Without wishing to seem wise after the event (I like to think that my wisdom is pretty much a permanent fixture) I just knew that Leeds United’s last-gasp penalty would not go in. There would be no salvaging of a late point for the home side at Elland Road; Reading FC would depart with the three points yesterday’s script demanded. And so it came to pass as I looked on with a jaundiced eye. I just bloody knew it.
It was not a good Saturday. Leeds were sluggish and out of sorts, the referee was fussily horrible – at one point he allowed Reading to take a free kick for offside ten yards inside the Leeds half – and there was a general feeling of malaise. To say this was a bad day at the office for Leeds seems hopelessly inadequate – David Brent himself had a better day, that time he was sacked by Wernham Hogg. The only bright spot (and not even this applied to everybody in the 33,900 attendance) was the sight of the victorious Leeds Rhinos players parading the Super League champions trophy around the pitch at half time. It was good to see United saluting the achievements of another Leeds sporting institution.
It seemed to many of the Leeds persuasion, and to some impartial observers too, that Pablo Hernandez had been fouled in the build-up to Reading’s winning goal, scored with poetic injustice by last season’s United loanee failure Modou Barrow. Post-match opinions were polarised: Reading manager Jaap Stam felt it hadn’t been a foul (and also that there was no foul for the Leeds penalty); Leeds boss Thomas Christiansen disagreed, but noted that “foreign coaches should not complain”. Even so, he’d made his views clear from pitch-side at the time – afterwards though, he simply shrugged and remarked “Well, you saw it”.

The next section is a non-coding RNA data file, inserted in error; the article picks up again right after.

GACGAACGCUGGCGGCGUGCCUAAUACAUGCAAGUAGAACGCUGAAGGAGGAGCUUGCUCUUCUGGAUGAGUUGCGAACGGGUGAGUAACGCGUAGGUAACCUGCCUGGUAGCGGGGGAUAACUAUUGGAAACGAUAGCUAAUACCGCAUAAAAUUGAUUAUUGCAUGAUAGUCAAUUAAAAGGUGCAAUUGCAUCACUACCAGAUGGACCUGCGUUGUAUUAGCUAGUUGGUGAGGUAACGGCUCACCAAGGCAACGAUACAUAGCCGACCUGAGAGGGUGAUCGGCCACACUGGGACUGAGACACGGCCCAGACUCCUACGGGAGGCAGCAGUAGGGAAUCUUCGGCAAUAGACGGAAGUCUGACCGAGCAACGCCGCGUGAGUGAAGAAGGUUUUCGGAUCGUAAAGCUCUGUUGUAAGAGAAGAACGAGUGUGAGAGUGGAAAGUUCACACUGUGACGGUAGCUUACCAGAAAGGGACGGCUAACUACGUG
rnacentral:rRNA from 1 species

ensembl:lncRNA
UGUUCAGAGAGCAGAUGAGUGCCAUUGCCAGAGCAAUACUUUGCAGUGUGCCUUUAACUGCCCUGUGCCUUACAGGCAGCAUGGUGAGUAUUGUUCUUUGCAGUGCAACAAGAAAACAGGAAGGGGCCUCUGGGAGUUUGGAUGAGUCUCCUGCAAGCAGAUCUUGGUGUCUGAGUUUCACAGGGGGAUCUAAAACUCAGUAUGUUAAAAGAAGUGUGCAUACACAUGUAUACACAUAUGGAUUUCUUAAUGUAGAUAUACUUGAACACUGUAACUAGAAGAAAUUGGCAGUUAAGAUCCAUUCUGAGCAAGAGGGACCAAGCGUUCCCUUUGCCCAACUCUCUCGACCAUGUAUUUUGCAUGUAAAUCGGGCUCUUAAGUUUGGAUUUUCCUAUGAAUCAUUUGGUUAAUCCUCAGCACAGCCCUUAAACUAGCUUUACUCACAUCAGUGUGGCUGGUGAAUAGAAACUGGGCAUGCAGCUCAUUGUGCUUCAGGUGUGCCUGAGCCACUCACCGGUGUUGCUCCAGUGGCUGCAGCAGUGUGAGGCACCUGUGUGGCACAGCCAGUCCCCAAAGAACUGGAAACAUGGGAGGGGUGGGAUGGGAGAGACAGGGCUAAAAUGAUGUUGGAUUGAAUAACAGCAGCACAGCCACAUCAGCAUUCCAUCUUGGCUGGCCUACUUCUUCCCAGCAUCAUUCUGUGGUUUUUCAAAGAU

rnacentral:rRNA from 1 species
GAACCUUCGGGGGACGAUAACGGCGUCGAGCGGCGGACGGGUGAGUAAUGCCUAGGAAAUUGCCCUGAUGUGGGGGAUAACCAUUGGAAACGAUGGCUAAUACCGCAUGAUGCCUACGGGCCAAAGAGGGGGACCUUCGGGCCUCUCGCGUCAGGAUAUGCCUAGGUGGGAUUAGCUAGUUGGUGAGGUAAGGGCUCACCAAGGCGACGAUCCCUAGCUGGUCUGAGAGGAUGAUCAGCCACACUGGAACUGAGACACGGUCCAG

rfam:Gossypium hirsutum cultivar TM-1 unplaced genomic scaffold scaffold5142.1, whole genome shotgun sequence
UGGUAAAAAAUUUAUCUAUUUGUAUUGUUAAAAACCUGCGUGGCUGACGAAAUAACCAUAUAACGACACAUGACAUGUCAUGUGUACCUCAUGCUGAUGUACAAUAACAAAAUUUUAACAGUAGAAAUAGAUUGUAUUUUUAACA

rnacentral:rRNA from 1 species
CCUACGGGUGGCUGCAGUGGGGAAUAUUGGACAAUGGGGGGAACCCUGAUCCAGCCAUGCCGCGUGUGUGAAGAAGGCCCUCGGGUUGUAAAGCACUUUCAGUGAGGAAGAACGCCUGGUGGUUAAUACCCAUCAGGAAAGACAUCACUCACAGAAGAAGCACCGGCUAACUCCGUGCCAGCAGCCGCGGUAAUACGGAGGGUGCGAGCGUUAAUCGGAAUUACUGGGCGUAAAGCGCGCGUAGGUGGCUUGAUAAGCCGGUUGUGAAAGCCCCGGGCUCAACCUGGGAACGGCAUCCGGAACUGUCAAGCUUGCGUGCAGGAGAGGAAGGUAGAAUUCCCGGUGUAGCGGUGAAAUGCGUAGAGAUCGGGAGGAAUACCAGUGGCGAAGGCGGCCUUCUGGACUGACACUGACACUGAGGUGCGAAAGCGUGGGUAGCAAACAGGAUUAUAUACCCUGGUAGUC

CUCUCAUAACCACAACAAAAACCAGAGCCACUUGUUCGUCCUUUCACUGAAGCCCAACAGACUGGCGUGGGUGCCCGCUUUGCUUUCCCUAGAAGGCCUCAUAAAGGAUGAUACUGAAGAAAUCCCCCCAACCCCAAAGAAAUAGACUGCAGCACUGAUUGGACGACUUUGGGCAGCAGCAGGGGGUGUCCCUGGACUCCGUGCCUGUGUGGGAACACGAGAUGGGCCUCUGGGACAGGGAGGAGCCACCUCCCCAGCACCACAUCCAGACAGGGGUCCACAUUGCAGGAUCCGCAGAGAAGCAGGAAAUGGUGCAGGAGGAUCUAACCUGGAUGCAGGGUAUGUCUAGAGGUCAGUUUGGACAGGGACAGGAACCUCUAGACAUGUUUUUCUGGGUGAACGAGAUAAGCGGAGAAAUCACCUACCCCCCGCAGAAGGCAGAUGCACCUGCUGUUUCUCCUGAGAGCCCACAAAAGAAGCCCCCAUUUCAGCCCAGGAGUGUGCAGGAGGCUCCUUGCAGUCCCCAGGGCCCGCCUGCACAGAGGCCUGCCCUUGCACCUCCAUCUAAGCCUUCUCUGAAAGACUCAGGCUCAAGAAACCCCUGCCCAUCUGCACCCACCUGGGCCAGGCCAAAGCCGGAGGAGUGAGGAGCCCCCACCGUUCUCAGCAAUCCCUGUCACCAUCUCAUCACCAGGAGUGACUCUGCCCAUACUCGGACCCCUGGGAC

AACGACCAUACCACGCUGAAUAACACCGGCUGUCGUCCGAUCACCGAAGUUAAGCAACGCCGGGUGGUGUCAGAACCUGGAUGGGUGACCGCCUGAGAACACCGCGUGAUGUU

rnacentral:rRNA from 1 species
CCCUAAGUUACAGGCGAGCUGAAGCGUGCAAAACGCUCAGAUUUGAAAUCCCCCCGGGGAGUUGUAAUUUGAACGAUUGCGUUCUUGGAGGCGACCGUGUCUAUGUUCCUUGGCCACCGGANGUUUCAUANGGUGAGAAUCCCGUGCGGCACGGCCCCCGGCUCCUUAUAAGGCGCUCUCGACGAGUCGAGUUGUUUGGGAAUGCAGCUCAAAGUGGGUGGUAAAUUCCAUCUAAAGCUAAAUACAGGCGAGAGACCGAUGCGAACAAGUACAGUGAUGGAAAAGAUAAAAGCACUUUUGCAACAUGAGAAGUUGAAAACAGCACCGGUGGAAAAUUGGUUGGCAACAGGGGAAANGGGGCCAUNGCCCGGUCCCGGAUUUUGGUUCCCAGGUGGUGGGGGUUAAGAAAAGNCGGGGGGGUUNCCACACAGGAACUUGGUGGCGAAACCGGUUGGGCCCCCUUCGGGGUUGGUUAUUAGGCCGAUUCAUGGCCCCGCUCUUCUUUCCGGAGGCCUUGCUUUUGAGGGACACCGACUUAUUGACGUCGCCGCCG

For United, it was a day to forget as swiftly as possible and move sharply on. Reading, arrayed in a day-glo orange and looking like a set of highlighter pens, came to do a job; they did it, however irritatingly, and now it’s history. Leeds will have to concentrate on regaining their mislaid mojo over the next few fixtures; they’re still handily-placed, even after three successive defeats, courtesy of that scorching start to the season. But losing can become a nasty habit, and it’s something that Christiansen and his troops need to nip in the bud before an annoying blip becomes a genuine crisis.
The Leeds boss was philosophical after this latest setback, whilst hinting that a change of system is not out of the question if he judges that’s what is necessary to turn things around. One notable factor in Reading’s success was their tactic of pressing high to stop United playing out from the back as has been the preferred approach all season. On the day, the home side simply weren’t good or confident enough to deal with the way Stam’s men set out their stall to contain, frustrate and hit on the break. It was a bad, bad day; as simple as that.